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Anti-caste Theories on Gender – IMPRI Impact and Policy Research Institute

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Anti-caste Theories on Gender - IMPRI Impact and Policy Research Institute

Yuvaraj Mandal

The session was organized as part of Beyond Binaries: Understanding Sexual Identities and Queer Rights Issues in India”, – a Five-Day Immersive Online Certificate Training Course by the Gender Impacts Study Centre (GISC) on behalf of IMPRI Impact and Policy Research Institute of India on the instance of Pride Month.

The session began with Samriddhi inviting Aroh Akunth, a writer and performer, to discuss anti-caste theories on gender equity. Aroh expressed gratitude for the opportunity, as the session connected him with his professors and provided a platform to share his insights.

Aroh emphasized the importance of understanding caste and gender through an interdisciplinary approach. They believed that the study of inequality should consider both the perspectives of the marginalized and queer communities, as these identities intersect and influence one another. Inequality is complex, compounded, and pervasive across space and time.

Scholarship on Caste and Gender

Rather than delving into traditional theories, Aroh focused on exploring anti-caste theories on gender and the tools employed by activists and scholars. They shared readings by Dhrubajyoti, Akhil Kang, and Borisa, all of whom brought unique perspectives to the discussion of caste and gender.

Dhrubajyoti, a journalist, developed archives documenting the experiences of Dalit trans individuals contesting elections. Despite having different backgrounds and affiliations, these individuals consistently advocated for access to education and sanitation, addressing the needs of both the Dalit and trans communities.

Akhil Kang’s work centred around the sexual practices of Brahmin men. This research was significant because it explored the lives of the upper caste, a group often neglected in anthropological studies. Kang’s ethnographic approach challenged the notion that marginalized communities alone should be the focus of such research.

Borisa, an urban geographer, examined desire and its relationship with public spaces. They explored how certain spaces, such as Dalit Bastis, were often marginalized and lacked adequate facilities. The proximity of privileged areas to these marginalized spaces highlighted the unequal distribution of resources.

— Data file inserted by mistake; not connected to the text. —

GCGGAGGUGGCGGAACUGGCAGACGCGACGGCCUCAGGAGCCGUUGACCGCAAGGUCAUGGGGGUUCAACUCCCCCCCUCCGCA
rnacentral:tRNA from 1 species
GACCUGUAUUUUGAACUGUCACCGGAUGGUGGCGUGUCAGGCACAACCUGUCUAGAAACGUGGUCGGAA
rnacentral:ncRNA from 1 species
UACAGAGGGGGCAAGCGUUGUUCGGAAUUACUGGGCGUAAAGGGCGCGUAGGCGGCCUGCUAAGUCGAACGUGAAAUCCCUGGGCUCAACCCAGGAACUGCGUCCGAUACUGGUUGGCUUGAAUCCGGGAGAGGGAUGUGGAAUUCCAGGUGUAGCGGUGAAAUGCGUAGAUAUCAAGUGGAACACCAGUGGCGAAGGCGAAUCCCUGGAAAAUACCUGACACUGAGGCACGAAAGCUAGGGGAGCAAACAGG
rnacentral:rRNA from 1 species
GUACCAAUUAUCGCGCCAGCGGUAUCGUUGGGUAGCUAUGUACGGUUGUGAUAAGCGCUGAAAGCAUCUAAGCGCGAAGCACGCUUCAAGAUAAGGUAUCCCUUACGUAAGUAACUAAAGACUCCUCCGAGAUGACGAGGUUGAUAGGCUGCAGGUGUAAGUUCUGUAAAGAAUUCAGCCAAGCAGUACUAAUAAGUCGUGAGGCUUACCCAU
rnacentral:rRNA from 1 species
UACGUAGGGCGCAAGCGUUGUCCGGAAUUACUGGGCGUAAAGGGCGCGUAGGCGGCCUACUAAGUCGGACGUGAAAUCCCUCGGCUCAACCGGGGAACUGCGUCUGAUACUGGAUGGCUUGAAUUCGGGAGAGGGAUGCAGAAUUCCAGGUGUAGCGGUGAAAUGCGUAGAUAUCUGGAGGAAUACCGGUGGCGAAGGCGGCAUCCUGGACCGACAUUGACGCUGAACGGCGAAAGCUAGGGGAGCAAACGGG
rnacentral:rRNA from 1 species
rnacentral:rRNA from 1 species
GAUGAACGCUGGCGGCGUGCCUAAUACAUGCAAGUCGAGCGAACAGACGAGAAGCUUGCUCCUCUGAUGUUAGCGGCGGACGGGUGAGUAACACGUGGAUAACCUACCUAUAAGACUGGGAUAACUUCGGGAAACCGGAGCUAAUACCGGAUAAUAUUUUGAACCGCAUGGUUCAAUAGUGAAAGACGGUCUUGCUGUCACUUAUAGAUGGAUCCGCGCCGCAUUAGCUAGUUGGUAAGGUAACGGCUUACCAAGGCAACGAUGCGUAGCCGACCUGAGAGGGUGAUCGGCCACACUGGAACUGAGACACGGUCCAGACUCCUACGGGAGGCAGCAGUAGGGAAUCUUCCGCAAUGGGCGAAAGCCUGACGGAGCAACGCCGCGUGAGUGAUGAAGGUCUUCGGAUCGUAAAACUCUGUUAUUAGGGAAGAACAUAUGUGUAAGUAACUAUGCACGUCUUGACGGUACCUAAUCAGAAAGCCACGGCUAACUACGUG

Research Methods to be Adopted

Aroh also highlighted the importance of oral histories in understanding the struggles faced by marginalized communities. They referred to the Dalit archives, run by Dalit students, which provided a platform for movement leaders and artists to share their experiences. These narratives shed light on the historical context of the Dalit movement and the challenges they faced.

The historical analysis was another key tool in understanding caste and gender dynamics. Aroh criticized the dismissal of queer history by heterosexual historians, pointing out that religious texts like Manusmriti reinforced patriarchal and heteronormative practices. Drawing connections between Manusmriti and caste-based discrimination, Aroh emphasized the need to examine these texts critically.

Additionally, Aroh introduced the concept of speculation as an intellectual tool to challenge conventional historical narratives. They argued that divorcing historical figures like Ambedkar from their context and their impact on marginalized communities would limit understanding. Speculation encourages questioning whose history is being validated, and challenges established narratives.

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As exemplified in Akhil Kang’s work, the cultural analysis provides insights into the upper castes’ psychoanalysis. It explores the connections between their caste identity and sexual practices, shedding light on the complex interplay between caste, gender, and desire. Legal analysis, including the tool of intersectionality developed by black feminists, plays a crucial role in understanding the legal dimensions of caste and gender equity. Aroh highlighted the significance of intersexuality as a legal framework that can inform the fight for equality and justice.

Conclusion

In conclusion, Aroh Akunth’s session on anti-caste theories on gender equity provided a multidimensional perspective on the subject. Combining historical, cultural, and legal analyses sheds light on the complex dynamics of caste and gender and the need for interdisciplinary approaches to address inequality. The session encouraged critical thinking and challenged traditional narratives, providing a platform for marginalized voices to be heard.

Read more session reports from Day 2 of Beyond Binaries: Understanding Sexual Identities and Queer Rights Issues in India:

Mobilisation of Queer Community and Intervention with Focus on Rural India 
Healthcare of Transgender and Non-Binary Persons

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